Chapters 30-38


Barbie's birthday is a national holiday in Plasticopia.

That afternoon at the Small house...

"Yum. What's the occasion?"

"Oh, hi, sweetie. Back from class already? I thought I'd make a cake to celebrate Barbie's birthday. It's her fiftieth, you know. A big one."

"Actually, I had forgotten. As they say, ignorance is bliss."

"Oh, come on. She's a national celebrity. Millions of girls have grown up with her as a role model."

"Exactly. That's why they have such distorted body images and spend six times more on makeup in their lifetime than they do on books."

"Say, what's this? You've been shopping?"

"Just something I picked up for Mikey for Barbie's Day. Wanted to surprise her."

"You bought her a Barbie doll?"

"Every little girl needs a Barbie."

"For what? Target practice?"

"I really don't know what you have against her. "

"She's a horrible role model for young girls, that's what. What does she teach them? That they should be anorexic bimbos whose only thought is what skimpy clothing they should change into next?"

"Barbie is not a bimbo! Why, she's done more in her lifetime than most women."

"Like what?"

"Well, she's been an astronaut and a baby doctor and a teacher and a secretary and she's even run for president. How many women can say that?"

"All a publicity stunt. The woman has nothing between her ears."

"Here's Mitzi. Let's see what she thinks."

"We're talking about Barbie. I say she's a waste of space which could be better used for other things. Like a recycle bin. What do you say?"

"Oh, speaking of Barbie, guess what! They're throwing a surprise birthday party for her at the coffee shop."

"No! How exciting!"

"Yes. It seems it was an old hang-out, a real coffee house, back in the 'beat' days -- you know, with poetry readings and skinny guys with goatees in black turtlenecks and berets. So every year her friends throw her a surprise party at the coffee shop."

"Does she ever catch on?"

"Oh, no, like I told you. Every year it's a surprise. They always come up with some excuse to get her there and she never suspects."

"I rest my case."

"Well, I gotta run."

"Bye, Maggie."

"Randi is in the living room playing with Doolittle, okay? I probably won't be back until late. Can she sleep over?"

"Of course. We'll have our own little party. So have fun! You are so lucky to be the in the same room with the Fashion Icon herself. Do you think you could get her autograph? Remember all the details so you can tell us tomorrow."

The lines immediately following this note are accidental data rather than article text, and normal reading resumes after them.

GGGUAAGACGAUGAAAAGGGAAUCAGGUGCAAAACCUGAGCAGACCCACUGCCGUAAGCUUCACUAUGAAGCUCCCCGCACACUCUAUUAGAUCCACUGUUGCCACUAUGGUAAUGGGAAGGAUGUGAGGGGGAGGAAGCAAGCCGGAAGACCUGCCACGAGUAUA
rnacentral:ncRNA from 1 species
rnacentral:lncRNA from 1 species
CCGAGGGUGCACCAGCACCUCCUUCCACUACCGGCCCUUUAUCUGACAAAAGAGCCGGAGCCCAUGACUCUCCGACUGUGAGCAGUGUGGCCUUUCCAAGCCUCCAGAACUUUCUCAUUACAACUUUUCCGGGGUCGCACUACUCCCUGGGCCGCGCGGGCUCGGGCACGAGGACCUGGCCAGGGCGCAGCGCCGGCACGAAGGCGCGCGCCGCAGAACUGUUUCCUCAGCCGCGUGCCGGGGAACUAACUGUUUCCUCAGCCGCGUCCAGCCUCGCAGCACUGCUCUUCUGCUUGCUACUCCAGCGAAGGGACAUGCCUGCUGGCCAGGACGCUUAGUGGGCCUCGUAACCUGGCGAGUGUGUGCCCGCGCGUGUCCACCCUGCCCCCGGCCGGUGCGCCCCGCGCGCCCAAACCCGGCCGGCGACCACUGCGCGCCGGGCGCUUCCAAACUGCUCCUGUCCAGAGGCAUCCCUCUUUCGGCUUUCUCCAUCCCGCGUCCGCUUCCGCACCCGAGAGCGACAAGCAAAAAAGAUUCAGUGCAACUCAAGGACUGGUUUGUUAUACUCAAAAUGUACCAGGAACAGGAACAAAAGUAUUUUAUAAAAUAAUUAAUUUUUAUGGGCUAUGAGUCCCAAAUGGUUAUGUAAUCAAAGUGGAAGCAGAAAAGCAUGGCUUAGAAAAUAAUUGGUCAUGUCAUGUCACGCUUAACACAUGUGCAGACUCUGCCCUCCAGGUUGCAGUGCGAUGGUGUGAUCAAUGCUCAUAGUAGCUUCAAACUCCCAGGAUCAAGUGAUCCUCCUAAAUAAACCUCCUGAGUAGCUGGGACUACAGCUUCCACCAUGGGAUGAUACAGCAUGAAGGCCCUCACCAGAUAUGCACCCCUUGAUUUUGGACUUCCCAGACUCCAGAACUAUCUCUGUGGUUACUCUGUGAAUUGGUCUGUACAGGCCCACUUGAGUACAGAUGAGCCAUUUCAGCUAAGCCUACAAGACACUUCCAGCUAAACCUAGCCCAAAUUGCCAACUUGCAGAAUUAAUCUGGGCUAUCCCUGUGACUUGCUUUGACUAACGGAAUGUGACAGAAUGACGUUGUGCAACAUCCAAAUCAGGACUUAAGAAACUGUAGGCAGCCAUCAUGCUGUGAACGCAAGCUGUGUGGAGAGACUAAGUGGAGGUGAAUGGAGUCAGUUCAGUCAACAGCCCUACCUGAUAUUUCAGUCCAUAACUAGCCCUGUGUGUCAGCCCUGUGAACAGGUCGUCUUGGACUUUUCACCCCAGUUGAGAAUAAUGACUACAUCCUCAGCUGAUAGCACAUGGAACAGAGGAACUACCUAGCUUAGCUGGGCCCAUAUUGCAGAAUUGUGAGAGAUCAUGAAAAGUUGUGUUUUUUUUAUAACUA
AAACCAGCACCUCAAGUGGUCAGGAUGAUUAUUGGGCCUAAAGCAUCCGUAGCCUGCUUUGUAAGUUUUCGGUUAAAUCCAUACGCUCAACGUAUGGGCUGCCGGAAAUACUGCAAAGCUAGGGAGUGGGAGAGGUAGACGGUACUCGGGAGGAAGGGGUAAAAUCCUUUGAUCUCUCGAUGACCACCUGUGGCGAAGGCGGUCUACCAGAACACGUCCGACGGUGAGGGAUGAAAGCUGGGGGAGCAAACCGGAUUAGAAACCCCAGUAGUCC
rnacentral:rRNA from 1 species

"I'll try. Ta-ta."

And a little later....

Barbara's friends have all gathered at the coffee shop for her surprise party.

There's plenty of snacks to fuel the gay spirits while they wait for Barb to arrive.

Mitzi and Sharon are manning the business end of the party, pouring drinks and refilling food trays.

Mitzi is fascinated by the glamorous and sophisticated guests, so well-preserved, even though they are all at least middle-aged, if not dead. When no one else is in earshot, she plies Sharon with questions.

"Who's the handsome older gent in the straw bowler?"

Sharon is familiar with them all, after many years of surprise birthday parties for Barbie. "Oh, that's Ken. He was Barbie's first boyfriend. For a long time he was her steady. They've dated on and off through the years, but now I hear they're just friends, although--to tell the truth--I think he's still got the hots for her. Doesn't he seem a little forlorn to you?"

"Why didn't they marry?"

"Who knows? Maybe because Barbie wasn't always faithful. See that fellow next to Ken?"


"That's Joe. Barbie dated him occasionally, when Ken wasn't available. Quite frankly, I would have gone with Joe straight-away. He's a lot more buff. "

"She likes her men blond, I guess."

"Usually, but she also had a soft spot for dark and handsome. Take the guy in hot pink, the one talking to Dorothy..."

"Barbie had a lttle thing going with him back in the 70s. I see he still likes those psychedelic colors. I guess if something works for you, you stick with it."

"What is Dorothy doing here? She must be at least ninety."

"More like a hundred. But Dorothy was quite popular when Barbie was young. All through the sixties and seventies she starred in an annual production about her trip to Oz. It was quite the adventure; there are some who think she never actually went to Oz...except in her own head. Who knows what she was smoking."

"How about the guy in black? What's his story? His makeup is almost as heavy as the lady next to him."

"Sometimes I forget what a baby you are. That's Elvis. He was a contemporary of Barbie. He died a number of years back--or so the rumor goes--but they bring him back every year for the celebration. So of course every year the makeup gets heavier."

"No wonder he seems so stiff."

"And the redhead?"

"That's Lucy. Also a contemporary."

"I like the outfit."

"For sure. They knew how to dress back then."

to be continued....


Genielinda said...

Better late than never! Personally, I think Barbie should stop counting. Lovely representation of the Barbie culture.

Plasticopia said...

Thanks, Genielinda. Your input is always so welcome. By the way, you had asked about the piano awhile back--it's actually homemade. Took me quite awhile to figure everything out, especially how to get the cover to go up and down over the keys. Made to scale, of course.